The Judicial System in the U.S. should be Uniformally Nationalized
Debate Rounds (3)
This is a 30min per rd argument.
RD1 is acceptance.
Why do you believe that all fifty states in the U.S. should work under the same code of laws regarding the judicial system?
Why is marijuana and listed as a "Schedule I" substance in the Controlled Substance act, allowing it to be legalized in some states such as California, Washington, and Colorado but not in Missouri, or Texas, for example. Is there any point behind the variance in the legalization of marijuana? What about gay marriage? Why is gay marriage only legal in a few states. If we're going to legalize it in one place, it should be legalized every where.
This debate is mainly about the criminal justice system, however. The corruption in this is ridiculous. My first example is Massachusetts does not have the death penalty for murder (as well as others), while numerous other states do. So in theory, two murders of the exact same malicious-intention and consequence could result in different sentencing? Why?
Our current judicial system is fine as it. If we all follow one nationalized system, all of the states would be following rules that are unnecessary, and many states would find it challenging to pass laws that are necessary. An issue that affects California, might not be an issue that affects the other 49 states, so many would find the law completely ridiculous and not needed.
Also, if we all followed one nationalized system, you will basically destroy the purpose of State Senates, Congresses, General Assemblies, and Governors. You will get rid of a system that has existed for nearly the same time as the United States itself. Also, if we all followed one nationalized system that means you will need to get rid of City Mayors, City Councils, and City Police, who only exist to pass or enforce laws on a local level. If we all followed one nationalized system that would mean federal authorities would have to enforce most laws since they are, of course, national/federal laws only now.
Marijuana is an interesting thing to choose for this, however the ban on marijuana is a federal ban. In many cases, federal law overrides state law, and if they chose to do so, the federal government could choose to take action against the states that allow it, and those that use it, but they have chosen not to. The other states where it is not legal have chosen to not legalize it. If they want it legalized, they should encourage their representatives to make it legal. No one is stopping the state from making it legal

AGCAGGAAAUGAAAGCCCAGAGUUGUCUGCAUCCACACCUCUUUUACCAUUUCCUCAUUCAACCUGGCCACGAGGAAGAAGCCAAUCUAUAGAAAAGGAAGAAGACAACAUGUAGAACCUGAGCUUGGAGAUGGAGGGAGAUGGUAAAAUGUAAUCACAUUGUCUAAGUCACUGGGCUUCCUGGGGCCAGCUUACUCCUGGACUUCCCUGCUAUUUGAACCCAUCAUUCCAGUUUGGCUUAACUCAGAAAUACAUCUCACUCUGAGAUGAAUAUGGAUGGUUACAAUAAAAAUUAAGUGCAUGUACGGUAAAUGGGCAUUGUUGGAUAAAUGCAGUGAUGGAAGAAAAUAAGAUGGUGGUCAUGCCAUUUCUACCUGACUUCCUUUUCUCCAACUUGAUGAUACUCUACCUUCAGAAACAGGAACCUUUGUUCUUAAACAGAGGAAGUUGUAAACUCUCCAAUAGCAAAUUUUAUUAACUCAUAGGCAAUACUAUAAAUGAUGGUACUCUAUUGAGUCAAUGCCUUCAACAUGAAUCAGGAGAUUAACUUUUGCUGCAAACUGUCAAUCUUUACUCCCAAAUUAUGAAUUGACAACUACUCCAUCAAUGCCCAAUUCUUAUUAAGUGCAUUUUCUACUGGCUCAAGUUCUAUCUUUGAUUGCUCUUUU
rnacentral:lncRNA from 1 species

On the topic of gay marriage, it is legal in some states, and illegal in others because marriage law is a power reserved to the states by the United States Constitution. To make all states follow a uniform standard, you are invalidating parts of the Constitution.
And finally, on the topic of murder, while it is odd some people get the death penalty, while others do not because of the legality of it in a state is odd, it is done to protect your tax money in the majority of states not allowing it. In most states, it costs more to execute a person then it does to keep them in prison for life, and in very rare cases, where do you get the millions, or sometimes billions of dollars to repay the family of a wrongly executed person? However, this is an issue for the states to decide. It is up to the people, and the representatives they elected to determine what is best for the people of their state. Some have decided that is the death penalty, others have decided that is not the best option.
But in the end, we all ultimately follow different rules and laws to prevent the federal government from becoming to powerful, and to make sure the things that affect me and you are dealt with quickly and easily. We don't want an out of state issue to put a burden on our family and friends in a state thousands of miles from the problem state.
Thanks, and I do apologize for any possible grammatical errors, missing words, or misspellings. They were not intentional.
Beastified forfeited this round.
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